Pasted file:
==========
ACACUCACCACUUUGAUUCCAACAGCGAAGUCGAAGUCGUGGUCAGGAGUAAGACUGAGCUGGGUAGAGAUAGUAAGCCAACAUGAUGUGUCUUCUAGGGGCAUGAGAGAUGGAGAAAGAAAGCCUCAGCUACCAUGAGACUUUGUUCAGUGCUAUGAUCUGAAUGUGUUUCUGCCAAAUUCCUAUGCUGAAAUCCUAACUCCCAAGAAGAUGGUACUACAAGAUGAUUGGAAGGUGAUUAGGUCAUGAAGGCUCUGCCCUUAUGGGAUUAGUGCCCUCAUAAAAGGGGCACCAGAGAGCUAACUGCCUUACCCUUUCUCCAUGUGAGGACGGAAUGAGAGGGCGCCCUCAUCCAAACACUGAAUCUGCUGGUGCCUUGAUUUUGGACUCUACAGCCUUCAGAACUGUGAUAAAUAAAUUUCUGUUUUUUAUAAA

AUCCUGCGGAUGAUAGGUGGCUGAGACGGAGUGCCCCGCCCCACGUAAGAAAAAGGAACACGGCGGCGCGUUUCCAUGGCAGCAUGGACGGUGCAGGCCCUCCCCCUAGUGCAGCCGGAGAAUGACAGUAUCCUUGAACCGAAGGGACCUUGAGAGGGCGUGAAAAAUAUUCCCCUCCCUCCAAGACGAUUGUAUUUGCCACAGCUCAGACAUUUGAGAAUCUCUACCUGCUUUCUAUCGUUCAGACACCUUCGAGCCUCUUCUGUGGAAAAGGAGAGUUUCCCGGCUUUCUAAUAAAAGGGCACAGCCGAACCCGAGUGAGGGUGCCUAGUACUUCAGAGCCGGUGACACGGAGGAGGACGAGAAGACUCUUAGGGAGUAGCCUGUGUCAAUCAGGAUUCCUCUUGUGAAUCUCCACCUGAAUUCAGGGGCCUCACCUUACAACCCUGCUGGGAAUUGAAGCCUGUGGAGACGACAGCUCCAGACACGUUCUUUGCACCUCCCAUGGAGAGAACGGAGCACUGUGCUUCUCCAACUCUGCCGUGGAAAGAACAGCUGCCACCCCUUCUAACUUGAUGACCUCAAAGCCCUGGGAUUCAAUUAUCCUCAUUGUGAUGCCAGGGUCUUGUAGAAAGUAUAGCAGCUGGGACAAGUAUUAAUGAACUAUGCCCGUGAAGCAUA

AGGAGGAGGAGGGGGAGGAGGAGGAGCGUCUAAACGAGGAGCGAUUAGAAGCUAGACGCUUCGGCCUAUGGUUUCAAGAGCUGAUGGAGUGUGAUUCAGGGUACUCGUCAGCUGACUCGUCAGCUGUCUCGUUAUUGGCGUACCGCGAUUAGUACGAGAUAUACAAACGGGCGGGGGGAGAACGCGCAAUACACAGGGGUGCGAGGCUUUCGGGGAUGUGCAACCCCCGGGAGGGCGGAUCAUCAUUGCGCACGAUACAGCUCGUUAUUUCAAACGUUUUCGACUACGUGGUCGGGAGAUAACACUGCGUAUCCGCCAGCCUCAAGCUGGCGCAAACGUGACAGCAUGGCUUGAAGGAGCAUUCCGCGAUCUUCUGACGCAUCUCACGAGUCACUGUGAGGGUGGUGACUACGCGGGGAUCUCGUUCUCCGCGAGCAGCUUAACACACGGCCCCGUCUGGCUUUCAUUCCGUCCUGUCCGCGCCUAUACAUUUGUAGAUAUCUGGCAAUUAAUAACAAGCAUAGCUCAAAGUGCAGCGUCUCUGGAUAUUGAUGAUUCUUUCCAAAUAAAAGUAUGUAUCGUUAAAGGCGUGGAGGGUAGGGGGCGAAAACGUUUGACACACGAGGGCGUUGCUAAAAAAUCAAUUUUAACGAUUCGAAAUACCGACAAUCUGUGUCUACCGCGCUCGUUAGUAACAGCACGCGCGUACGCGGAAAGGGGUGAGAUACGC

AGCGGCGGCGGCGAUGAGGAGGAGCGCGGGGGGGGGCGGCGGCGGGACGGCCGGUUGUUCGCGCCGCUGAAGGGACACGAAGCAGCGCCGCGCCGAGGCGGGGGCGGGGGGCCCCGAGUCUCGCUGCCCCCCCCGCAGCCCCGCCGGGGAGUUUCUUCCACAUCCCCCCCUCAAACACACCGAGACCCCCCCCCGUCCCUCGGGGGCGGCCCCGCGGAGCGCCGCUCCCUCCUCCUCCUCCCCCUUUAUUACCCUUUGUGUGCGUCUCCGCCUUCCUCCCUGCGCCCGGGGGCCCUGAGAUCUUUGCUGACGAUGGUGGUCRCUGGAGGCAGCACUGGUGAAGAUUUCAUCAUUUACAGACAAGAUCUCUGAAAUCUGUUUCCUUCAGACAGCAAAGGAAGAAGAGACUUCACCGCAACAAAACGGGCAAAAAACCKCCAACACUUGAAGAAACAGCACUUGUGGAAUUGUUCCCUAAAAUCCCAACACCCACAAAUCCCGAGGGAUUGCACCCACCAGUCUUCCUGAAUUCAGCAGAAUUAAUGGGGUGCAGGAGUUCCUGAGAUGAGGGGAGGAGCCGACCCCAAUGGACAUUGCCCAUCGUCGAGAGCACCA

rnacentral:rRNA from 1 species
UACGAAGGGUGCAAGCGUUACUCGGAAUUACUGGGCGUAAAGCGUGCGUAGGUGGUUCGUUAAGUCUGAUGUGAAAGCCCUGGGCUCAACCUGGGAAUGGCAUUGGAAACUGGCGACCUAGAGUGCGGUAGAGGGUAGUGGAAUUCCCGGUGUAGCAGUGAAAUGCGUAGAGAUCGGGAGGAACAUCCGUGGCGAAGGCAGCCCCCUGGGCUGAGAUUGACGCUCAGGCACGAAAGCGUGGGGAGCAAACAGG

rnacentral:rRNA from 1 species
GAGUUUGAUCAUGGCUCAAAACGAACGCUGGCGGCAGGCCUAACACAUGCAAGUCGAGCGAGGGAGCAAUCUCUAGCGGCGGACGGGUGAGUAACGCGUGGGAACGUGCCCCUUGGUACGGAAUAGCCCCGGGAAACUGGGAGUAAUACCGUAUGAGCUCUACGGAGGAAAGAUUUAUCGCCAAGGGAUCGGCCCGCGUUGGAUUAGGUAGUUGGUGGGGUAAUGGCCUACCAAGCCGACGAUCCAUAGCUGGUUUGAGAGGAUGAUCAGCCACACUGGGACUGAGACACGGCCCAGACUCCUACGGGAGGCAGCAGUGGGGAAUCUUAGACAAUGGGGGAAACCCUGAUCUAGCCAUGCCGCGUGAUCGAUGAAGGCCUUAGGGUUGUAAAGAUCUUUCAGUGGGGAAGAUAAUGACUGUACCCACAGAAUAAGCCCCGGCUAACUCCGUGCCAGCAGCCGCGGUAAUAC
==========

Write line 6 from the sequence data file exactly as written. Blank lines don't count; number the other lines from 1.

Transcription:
UACGAAGGGUGCAAGCGUUACUCGGAAUUACUGGGCGUAAAGCGUGCGUAGGUGGUUCGUUAAGUCUGAUGUGAAAGCCCUGGGCUCAACCUGGGAAUGGCAUUGGAAACUGGCGACCUAGAGUGCGGUAGAGGGUAGUGGAAUUCCCGGUGUAGCAGUGAAAUGCGUAGAGAUCGGGAGGAACAUCCGUGGCGAAGGCAGCCCCCUGGGCUGAGAUUGACGCUCAGGCACGAAAGCGUGGGGAGCAAACAGG